Although Bitcoin failed to maintain the level of reaching 2020 all-time high, many traders believe it is a necessary correction for Bitcoin to reach between the $12k-$14k range. In previous cycles as well, Bitcoin has shown similar trends. Like in January to February 2020, Bitcoin rose from $7,400 to as high as $10,500 but again declined to pre-January levels in subsequent months.
Whenever BTC sees a relatively massive surge or drops, cascading of liquidations, occur, which results in significant price movements. The minor pullback over the last 48 hours has allowed the funding rates to neutralize; what this means is it has allowed the market to alleviate the long contracts and over ledged positions.
According to Michael van de Poppe, a full-time trader at the Amsterdam Stock Exchange, BTC may trade sideways between $12,200 and $11,200. Nik Yaremchuk, an on-chain analyst and cryptocurrency trader, said BTC followed similar trends in May 2019, wherein it saw two minor corrections and recorded it for several weeks of consolidation before rallying to a new high.
Bitcoin often sees historical fractals playing out as the market moves in a cycle, both in the short and long-term. Its price tends to consolidate after seeing a major rally, especially before entering a critical resistance range between $12,000 and $14,000.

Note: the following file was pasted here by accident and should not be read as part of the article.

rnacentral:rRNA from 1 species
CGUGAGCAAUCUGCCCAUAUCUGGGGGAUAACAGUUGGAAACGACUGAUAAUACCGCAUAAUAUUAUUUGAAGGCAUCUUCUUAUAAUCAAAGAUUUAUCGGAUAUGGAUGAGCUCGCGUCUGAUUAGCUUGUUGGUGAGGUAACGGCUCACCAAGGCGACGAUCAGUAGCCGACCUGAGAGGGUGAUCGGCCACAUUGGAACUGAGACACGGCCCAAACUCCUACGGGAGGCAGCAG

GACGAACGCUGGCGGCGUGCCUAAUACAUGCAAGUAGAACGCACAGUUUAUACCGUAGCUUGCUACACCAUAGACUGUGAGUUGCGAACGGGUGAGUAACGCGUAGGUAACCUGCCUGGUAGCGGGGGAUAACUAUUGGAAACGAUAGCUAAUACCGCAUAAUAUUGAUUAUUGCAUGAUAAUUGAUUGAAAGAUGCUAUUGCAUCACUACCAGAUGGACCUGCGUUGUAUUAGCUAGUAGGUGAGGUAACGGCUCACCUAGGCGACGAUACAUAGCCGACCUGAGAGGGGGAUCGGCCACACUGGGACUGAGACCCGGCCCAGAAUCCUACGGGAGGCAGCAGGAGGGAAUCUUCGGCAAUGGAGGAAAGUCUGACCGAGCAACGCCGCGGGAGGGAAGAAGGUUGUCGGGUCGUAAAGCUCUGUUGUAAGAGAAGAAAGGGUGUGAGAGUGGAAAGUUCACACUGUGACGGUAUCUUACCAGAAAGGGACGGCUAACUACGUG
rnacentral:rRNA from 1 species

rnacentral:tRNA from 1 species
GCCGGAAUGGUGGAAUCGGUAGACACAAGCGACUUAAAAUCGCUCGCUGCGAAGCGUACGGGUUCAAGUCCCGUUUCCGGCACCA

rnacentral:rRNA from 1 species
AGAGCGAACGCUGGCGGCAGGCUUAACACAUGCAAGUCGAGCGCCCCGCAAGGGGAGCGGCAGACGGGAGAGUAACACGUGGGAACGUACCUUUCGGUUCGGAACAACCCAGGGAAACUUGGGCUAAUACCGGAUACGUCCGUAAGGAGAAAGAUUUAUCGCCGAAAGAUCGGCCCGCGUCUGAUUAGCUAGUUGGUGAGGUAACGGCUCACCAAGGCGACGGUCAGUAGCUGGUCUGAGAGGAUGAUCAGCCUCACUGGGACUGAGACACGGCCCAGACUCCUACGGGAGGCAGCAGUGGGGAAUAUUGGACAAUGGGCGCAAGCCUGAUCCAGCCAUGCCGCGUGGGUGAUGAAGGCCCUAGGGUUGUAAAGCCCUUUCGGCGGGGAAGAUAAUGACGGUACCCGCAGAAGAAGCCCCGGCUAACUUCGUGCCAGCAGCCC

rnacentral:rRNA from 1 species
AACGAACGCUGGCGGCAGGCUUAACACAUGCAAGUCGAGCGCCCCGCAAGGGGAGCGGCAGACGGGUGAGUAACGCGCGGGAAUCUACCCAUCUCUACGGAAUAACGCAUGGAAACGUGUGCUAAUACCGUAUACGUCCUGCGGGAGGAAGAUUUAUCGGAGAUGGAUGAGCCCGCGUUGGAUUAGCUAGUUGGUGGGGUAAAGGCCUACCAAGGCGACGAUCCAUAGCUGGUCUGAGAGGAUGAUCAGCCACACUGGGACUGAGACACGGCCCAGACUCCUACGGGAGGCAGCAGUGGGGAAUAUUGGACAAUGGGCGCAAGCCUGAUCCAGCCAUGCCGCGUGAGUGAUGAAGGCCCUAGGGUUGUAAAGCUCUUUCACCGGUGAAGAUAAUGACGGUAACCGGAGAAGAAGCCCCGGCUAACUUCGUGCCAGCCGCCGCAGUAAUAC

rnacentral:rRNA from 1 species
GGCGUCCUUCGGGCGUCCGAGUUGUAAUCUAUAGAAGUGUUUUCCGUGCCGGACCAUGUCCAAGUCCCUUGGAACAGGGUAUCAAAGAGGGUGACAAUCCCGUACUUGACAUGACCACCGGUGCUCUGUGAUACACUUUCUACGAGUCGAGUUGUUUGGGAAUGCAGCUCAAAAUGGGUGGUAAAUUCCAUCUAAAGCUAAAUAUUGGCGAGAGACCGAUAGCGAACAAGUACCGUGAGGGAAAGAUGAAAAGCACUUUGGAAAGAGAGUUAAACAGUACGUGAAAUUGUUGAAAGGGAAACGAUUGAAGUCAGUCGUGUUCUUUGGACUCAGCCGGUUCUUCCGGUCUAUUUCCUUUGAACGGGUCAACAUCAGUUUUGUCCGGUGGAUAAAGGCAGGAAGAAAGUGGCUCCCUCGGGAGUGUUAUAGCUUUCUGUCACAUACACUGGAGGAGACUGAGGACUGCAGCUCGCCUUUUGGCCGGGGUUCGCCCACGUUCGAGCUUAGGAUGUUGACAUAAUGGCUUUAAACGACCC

Since June, a consistent theme has been building where the current Bitcoin bullish trend has been pushing down the selling pressure. As per On-chain analysts at Glassnode, Bitcoin reserves are much lower than the previous BTC top in July 2019. Currently, 2.6M Bitcoins are being held on exchanges. This is significantly lower than the last time Bitcoin hit a local-top a year ago (2.8M) and even lower than before in the sell-off in March (2.9M).
The confluence of historical fractals shows similar price action, and the continuous declining exchange reserves support Bitcoin’s medium-term bullish case.